My mum always used to say: “patience is a virtue”. She said this because she, as a very impatient person like myself, understood the value of patience. I am the kind of person who goes about life as if there is never enough time: I am always running to the the next thing which is I think the basis for my impatience. There is no time for slowness or inefficiency, from trying to open a package that seems like it was made to never be opened or to pair my boyfriends socks which are all black except for this tiny little embroidery in different colours (I keep trying to convince him no one will notice if they are different).
So it is no wonder that until recently I was also impatient with my crochet projects. I wouldn’t swatch before a garment, or I would use a DK yarn even when I knew the pattern would work a lot better with a 4ply so that I could get started sooner, I would not block my finished project because I couldn’t wait to start the next one and I would not do a proper swatch for my designs but just go straight for the sample instead (I still do this actually…). And most important of all the rules for the impatient crocheter: you don’t rip out, you just pretend like the mistake isn’t there. Because who has time to work all that section again, right?
If you are reading this and nodding (don’t pretend like your weren’t now!), then let me give you a small advice. It will probably sound ridiculous but hang with me for a moment. Here it goes:
If you actually take the time, if you are patient with your projects, you will enjoy them more.
I know, it sounds crazy right? But people, it is true. Not easy, but definitely true.
I am still an impatient crocheter in recovery but I can honestly say that ever since I started taking more time planning my projects, choosing my yarn, making proper swatches, weaving in ends properly, working proper seams and everything else that a patient person would do, I have actually enjoyed my craft a lot more. I not only feel better because the finished product looks and fits better, but I also feel very proud of myself for taking the time to re-do that bit that wasn’t looking very well, or to start again with a different hook size to get a nicer drape. This realisation has helped grow this idea of mine to create a handmade wardrobe that I will want to wear, and time is definitely key in that process. Time and of course, patience. Patience to understand that it is time well spent.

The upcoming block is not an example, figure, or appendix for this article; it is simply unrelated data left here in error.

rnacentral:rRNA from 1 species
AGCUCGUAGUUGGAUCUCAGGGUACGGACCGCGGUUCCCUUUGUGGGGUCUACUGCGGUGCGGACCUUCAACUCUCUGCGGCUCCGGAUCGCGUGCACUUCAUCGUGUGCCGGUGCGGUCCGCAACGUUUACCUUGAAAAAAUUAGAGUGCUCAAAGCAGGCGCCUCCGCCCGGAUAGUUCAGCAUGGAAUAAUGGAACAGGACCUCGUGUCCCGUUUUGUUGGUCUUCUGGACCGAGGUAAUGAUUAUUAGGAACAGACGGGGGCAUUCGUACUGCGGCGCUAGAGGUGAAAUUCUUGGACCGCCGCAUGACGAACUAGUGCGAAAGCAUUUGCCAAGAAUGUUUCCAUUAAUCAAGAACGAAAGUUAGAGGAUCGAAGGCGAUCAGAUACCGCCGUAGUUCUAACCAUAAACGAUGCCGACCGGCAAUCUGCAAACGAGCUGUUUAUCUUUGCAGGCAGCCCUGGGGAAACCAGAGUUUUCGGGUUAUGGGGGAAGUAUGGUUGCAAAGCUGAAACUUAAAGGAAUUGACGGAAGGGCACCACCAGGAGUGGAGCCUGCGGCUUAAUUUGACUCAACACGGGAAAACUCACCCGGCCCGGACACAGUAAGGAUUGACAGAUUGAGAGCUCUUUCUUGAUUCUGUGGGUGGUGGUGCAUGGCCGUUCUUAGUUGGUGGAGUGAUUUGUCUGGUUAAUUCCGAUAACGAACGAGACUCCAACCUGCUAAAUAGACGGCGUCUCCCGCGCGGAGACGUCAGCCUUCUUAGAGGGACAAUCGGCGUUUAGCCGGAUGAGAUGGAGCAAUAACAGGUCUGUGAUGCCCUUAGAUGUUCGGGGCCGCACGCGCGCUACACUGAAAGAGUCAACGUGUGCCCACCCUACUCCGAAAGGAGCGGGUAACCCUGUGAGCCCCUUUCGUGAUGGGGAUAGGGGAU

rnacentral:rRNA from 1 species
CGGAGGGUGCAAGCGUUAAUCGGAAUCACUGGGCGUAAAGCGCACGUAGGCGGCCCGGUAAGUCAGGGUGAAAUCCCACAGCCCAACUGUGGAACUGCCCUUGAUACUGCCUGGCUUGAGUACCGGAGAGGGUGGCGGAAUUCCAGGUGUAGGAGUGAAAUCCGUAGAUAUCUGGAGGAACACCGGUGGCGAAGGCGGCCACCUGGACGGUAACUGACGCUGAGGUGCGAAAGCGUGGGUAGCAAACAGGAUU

As the weekend flew by I didn’t have much time to work on my Freyja but I was determined to finish that Row 1 before this next post. Why? Who knows, no one is timing me and I am sure you won’t mind if I take a bit longer. When I had a few hours to spare on Sunday I started working on it and had made some good progress until I realised I made a mistake right after I picked it up that day. I could either get to the end of the row and try to make it work somehow, or rip all I had done in those precious hours. I am proud to say I didn’t think (that long) before deciding to just undo my work and start again.
It is not always easy and I still don’t follow my own advice every now and again. And of course patience has its limits and I won’t start a whole sweater again if I made the mistake right at the beginning (which just happened with my Alyssium cardi by the way). But here I am, with no progress with my Freyja compared to last week and feeling quite good about it. The world hasn’t ended, that mistake is not there to annoy me anymore and that shawl is still going to get finished, just maybe a few days later than planned. For someone so used to running about, I am really enjoying to take things slow for a while.